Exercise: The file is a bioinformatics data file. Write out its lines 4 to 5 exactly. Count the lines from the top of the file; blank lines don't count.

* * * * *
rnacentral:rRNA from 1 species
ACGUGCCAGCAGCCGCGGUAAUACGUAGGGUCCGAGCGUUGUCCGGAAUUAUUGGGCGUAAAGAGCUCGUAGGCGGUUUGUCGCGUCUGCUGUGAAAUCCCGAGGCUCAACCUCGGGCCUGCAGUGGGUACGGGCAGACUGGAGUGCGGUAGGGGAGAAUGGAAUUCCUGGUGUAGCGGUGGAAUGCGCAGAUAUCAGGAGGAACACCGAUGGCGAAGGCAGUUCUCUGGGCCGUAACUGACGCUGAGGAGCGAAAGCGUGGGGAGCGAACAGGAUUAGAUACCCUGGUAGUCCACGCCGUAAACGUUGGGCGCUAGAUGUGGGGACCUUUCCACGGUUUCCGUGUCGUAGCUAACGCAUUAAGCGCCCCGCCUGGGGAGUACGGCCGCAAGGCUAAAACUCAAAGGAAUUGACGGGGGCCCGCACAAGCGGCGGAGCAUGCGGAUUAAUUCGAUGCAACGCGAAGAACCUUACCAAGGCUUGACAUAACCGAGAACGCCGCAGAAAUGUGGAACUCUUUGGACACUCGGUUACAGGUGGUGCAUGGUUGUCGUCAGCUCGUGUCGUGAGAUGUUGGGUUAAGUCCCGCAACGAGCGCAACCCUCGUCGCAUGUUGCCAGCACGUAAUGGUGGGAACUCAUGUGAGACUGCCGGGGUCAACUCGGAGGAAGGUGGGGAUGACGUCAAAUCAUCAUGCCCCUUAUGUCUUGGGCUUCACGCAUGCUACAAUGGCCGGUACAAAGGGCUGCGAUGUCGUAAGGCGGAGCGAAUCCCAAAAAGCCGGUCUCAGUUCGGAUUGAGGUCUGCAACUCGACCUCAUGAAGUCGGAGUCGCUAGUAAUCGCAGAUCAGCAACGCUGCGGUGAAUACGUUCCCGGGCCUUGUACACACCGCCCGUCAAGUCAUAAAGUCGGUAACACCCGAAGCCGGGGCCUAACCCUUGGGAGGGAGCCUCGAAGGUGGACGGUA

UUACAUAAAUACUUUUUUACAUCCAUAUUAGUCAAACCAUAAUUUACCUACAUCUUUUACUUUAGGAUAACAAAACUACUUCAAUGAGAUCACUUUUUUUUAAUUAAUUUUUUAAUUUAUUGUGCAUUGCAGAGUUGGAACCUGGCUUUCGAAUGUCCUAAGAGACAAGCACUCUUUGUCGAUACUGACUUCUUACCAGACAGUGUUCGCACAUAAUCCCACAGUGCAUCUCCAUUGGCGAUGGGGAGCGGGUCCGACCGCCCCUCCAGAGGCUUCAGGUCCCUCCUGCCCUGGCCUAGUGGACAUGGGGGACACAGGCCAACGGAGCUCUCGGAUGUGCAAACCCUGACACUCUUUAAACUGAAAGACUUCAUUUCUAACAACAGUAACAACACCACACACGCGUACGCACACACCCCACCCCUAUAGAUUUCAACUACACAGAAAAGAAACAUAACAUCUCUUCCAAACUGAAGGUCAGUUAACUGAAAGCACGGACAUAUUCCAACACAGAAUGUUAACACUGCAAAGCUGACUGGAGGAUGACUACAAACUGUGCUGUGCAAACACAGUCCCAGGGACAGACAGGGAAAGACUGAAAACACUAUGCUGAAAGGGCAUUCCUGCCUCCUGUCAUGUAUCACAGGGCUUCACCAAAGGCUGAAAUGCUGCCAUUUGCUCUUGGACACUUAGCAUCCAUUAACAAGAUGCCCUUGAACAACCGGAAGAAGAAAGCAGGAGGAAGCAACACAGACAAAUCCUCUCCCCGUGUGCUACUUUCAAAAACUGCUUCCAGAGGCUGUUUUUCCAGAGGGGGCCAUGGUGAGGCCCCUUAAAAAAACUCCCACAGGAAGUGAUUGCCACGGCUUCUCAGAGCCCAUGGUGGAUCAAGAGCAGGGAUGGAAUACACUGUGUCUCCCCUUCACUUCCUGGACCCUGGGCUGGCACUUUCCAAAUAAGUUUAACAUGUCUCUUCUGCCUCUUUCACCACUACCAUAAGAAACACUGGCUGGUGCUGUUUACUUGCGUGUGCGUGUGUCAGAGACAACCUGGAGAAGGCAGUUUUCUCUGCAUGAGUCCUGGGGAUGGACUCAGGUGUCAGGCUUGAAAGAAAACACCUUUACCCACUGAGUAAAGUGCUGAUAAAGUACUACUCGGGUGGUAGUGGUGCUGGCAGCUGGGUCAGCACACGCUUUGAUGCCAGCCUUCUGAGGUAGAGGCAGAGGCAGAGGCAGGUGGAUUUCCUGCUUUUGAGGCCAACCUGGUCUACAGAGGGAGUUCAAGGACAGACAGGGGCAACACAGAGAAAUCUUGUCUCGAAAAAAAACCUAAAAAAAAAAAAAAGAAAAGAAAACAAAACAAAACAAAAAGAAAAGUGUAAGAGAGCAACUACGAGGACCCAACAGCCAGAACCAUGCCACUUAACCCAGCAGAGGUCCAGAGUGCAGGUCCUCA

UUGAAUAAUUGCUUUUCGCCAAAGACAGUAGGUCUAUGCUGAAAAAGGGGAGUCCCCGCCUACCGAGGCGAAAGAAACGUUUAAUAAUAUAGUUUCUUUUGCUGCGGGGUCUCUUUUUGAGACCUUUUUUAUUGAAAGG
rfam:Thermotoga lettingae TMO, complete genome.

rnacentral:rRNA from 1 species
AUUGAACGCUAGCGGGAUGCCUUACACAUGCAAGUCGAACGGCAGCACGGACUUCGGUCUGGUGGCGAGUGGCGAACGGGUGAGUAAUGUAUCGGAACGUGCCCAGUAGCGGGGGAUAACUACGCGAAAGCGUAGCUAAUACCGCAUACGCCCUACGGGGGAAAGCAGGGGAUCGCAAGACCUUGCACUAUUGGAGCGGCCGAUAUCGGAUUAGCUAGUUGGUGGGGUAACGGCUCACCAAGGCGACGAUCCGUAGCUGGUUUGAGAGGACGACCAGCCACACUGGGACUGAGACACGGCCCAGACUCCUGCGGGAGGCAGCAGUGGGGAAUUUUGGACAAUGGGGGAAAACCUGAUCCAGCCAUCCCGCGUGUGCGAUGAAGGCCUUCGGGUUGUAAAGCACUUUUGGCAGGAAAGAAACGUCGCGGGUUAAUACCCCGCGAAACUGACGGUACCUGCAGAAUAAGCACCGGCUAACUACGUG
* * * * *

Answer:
UUGAAUAAUUGCUUUUCGCCAAAGACAGUAGGUCUAUGCUGAAAAAGGGGAGUCCCCGCCUACCGAGGCGAAAGAAACGUUUAAUAAUAUAGUUUCUUUUGCUGCGGGGUCUCUUUUUGAGACCUUUUUUAUUGAAAGG
rfam:Thermotoga lettingae TMO, complete genome.